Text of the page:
How to Build a Process Framework (Pt 1)

A while ago, I shared tips on how to build a staff process that people can actually follow. Because when you start getting overwhelmed with requests, a process is key to staying cool and organized.

We did the first step of clarifying how these requests play out in our orgs today. We’ve got notes on everything that matters: the types of requests we get, the needs of our requestors and our own team’s capacity. (If you haven’t read that first post, you’ll want to start here.)

Now that that’s done, we need to translate those points into a living, breathing process. That’s a big leap, especially when you’re not used to doing it!

But building a process is a process in and of itself. And you’ll see success by sussing out 3 specific things:
1. The framework for your process
2. Your intake & feedback mechanisms
3. Your accountability system

1. The framework for your process
2. Your intake & feedback mechanisms
3. Your accountability system

This post will be part of a series for the next few weeks on how to build effective processes for your staff. Be sure to subscribe to know when those other posts are out!

What’s your process framework?

Google the definition of framework and this is what you get: “a basic structure underlying a system, concept, or text.”

Structure is what we’re after. Before implementing anything, we need to understand (and document!) how this process will work behind-the-scenes. What are the buckets of tasks that need to get done, what are the time frames, and who are the major players?

Choose a request type to hone in on, and let’s start building a framework.

One quick thing before we begin…

There’s a method to this madness, and that’s sketching your ideas on paper – or whatever medium you choose. Ultimately the transfer should look like this: from brain, to doc, to real world.

Pen & paper is easiest. Spreadsheets are also great. But for the sake of readability, I’m going to use Google Drawings (another great + free tool from the Google Suite of Products) to illustrate my very simple example.

Step 1: Start at the end of your process.

Once you’ve picked a process to hone in on, jump to the end – the point where a request has been delivered and everything is done.

My staff have a habit of asking me for lists the day before they want to send an email. (I knooow gang. I know.) So for this example, we’re building a request process for email lists – something I may very well formalize in the near future!

Green dot for emphasis. We’re starting this baby at the end.

Step 2: List every task that needs to happen along the way. Include how long each step takes.

Try moving backwards as you do this, to make sure you’re considering each task. We tend to forget those last-minute things towards the end!

Include ranges for how long each item will take. You can factor in worst-case scenarios to be on the safe side, and name any specific people or teams responsible.

Hint: don’t forget to add those communication to-do’s in your plan too, ones you may have noted in the exercise from the last post. In my case, a list request isn’t complete until I’ve sent an email with the attachments and a summary of those list requirements. (Paper trails like this are important, especially when you work in tech.)

Whoa, where’d all these steps come from?!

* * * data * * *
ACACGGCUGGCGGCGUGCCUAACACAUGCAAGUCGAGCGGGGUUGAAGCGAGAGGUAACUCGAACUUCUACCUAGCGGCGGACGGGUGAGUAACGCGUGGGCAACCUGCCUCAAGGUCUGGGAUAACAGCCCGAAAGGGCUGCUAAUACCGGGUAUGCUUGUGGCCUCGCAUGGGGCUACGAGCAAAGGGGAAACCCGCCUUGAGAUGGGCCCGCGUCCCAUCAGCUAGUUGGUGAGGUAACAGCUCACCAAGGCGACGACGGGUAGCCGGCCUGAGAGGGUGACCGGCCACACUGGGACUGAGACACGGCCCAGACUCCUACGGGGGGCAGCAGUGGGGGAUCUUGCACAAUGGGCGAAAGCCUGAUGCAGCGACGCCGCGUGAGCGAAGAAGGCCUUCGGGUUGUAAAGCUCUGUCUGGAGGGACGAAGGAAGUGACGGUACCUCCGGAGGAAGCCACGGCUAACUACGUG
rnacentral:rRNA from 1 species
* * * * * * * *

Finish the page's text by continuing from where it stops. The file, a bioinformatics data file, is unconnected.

Step 3: Throw in those variables that are beyond your control.

As the Systems Manager for my org, most list requests are within my power to deliver! But occasionally I’ll get an ask that goes beyond my querying abilities, and need to ask our data scientist for help.

Those situations are what you want to incorporate. Are there individuals or teams who can cause a bottleneck at any point in the process? Maybe you need IT’s help accessing your database, or need to wait on the Program team to give you their impact metrics. You noted some of these hold-ups in the last exercise, so now’s your chance to include them.

In many ways, this is what a process helps us overcome. So make sure you’re incorporating those curveballs, and adjust your timeframes accordingly.

The pink box is my wild card in our process. Because of it, I’ve added a few extra days to my timeline.

Step 4: Incorporate feedback loops with your requestors.

For some tasks, we may need staff input along the way. Identify those feedback points in your process diagram!

If no feedback loops are coming to mind, it’s most likely because they’re just not coming to mind – and not because you don’t have them! So, if you’re drawing a blank, here are some ideas of where you might need staff input:

  • The beginning of a process , when you need to confirm or document your deliverables
  • The end, when you confirm that what you’ve given them works
  • Any points where things tend to change unexpectedly
  • Any points where you’re bound to reach a fork, and need direction
  • For processes involving written work – each round of draft revisions
My team likes to confirm the number of recipients in a list before they commit to using it. So in my sketch, I’ve added a feedback loop for sending those stats and making any necessary changes as a result.

You now have a framework for your staff process!

It’s a simple exercise, but powerful – because you now have a framework that your process can sit on and be built further upon. Transfer that documentation into a format that your team can easily reference, and be proud! Because all this work is going to make this next part much easier.

p.s – This post is one in a 3-part series. Now that you’ve read part 1, move on to part 2!

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